Spirituality in practice can be observed readily in the aged. It would seem that towards the end of biological life, the individual becomes comfortable with their existence. In this, one will observe patient’s lack of fear of death and disease. This lack of fear provides peace in their soul and a personality that is relaxed and at ease. A patient that I personally cared for demonstrated an example of this relaxed state of mind. This patient was of very advanced age and had little time to live. After several days of building a relationship, I asked the patient if he had fear of dying. The patient replied “son, if I were you, I be afraid of how long I had to live”. I thought about this statement a long time, and believe the patient was telling me I had more to fear in a long life than the fear of death. This spirituality that I observed was not connected to religion, but related to comfort with life and ultimately death. This spirituality may allow one to be at ease with monumental decisions and or crushing defeats (Tanyi, 2002). This comfort allows for energy to be directed to healing or comfort rather than fear of the unknown. Spirituality is closely related to culture. There are cultures that do not observe a certain religion, but enjoy a relationship with their surroundings and the people they are involved with. I believe that spirituality in an individual is as important if not a precursor to religious beliefs and practices. As an APN I will gain further understanding of how the relief of worldly worries may enhance healing. I hope to focus these tools to better understand my self and other cultures. Only by involvement in personal relationships with others can spirituality be understood and cultured.

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In my paradigm, cultural competence holds a special meaning. Cultural competence is an ongoing process, not a single event. In this process, the nurse attempts to achieve a relationship of knowing with the individual, community and the family (Campinha-Bacote 2002). Campinha-Bacote (2002) views cultural competence as several constructs. These constructs being cultural knowledge, cultural skill, cultural encounters, and cultural desire.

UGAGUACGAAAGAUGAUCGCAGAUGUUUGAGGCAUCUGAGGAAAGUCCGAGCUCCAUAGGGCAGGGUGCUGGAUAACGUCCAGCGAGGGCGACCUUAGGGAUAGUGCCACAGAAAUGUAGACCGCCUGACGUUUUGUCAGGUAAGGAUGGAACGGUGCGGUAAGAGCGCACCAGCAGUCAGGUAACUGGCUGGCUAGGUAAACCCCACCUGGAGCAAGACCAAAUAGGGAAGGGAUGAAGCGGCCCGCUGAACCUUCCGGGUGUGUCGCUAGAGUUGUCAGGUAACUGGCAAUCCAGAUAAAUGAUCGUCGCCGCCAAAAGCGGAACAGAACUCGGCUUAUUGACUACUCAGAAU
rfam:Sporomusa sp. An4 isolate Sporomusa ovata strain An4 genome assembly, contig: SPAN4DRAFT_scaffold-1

Cultural knowledge may well be the most difficult construct to master. Information can be obtained from the community library, internet resources and other forms of established communication, but all of these forms lack true personal involvement. To obtain this cultural knowledge there must be cultural desire on the part of the nurse. To know and understand a culture, you must immerse yourself in it. These two constructs go hand in hand, one without the other leads to no real understanding and no real learning. Cultural encounters are a process that we are involved in every day. The cultures we encounter are not only reflected by skin color, but by religion, education, economic status, geographic location and host of other factors. Knowledge can be gained concerning cultures simply by recognizing that certain sets of beliefs and actions are founded in cultural practice. Cultural competence includes trying to overcome language and communication barriers. This includes understanding diverse mechanisms of healing like folk medicine, religious rites or superstitions.

Cultural skill is probably the most elusive of the goals spelled out by Camphina-Bacote (2002). Cultural skill was an ever-ongoing relationship with cultural encounters. The more encounters you have with a culture the more skilled you can become. In the hospital I worked at in California, we were all given a handbook that delineated all the relevant cultural groups that were represented in the San Francisco area. There were references to the races of many, religions of many, but no mention of the culture itself that the community as a whole represented.

Culture played a role in a patient situation that I observed in an intensive care unit where I was employed in California. A Native American was admitted to the hospital through the emergency room. As the patient was getting settled in the intensive care unit, one of the elders of the patient’s tribe chanted and danced about in the room. After the patient recovered sufficiently enough to be moved out of the intensive care, we were instructed not to touch the feathers on the door, the elder would retrieve them. We questioned this, as we needed the room. The patients family informed the staff the feathers were from an Eagle and were sacred, only to be touched by a male elder of the tribe. Fortunately, we were able to honor the request and provide for cultural diversity in the hospital. The APN education (clinical and didactic) will expose me to many cultural differences. Through cultural exposure, I hope to build a knowledge base that I will be able to use to serve my clients. A better understanding of my own culture will enable me to accept the culture of others’.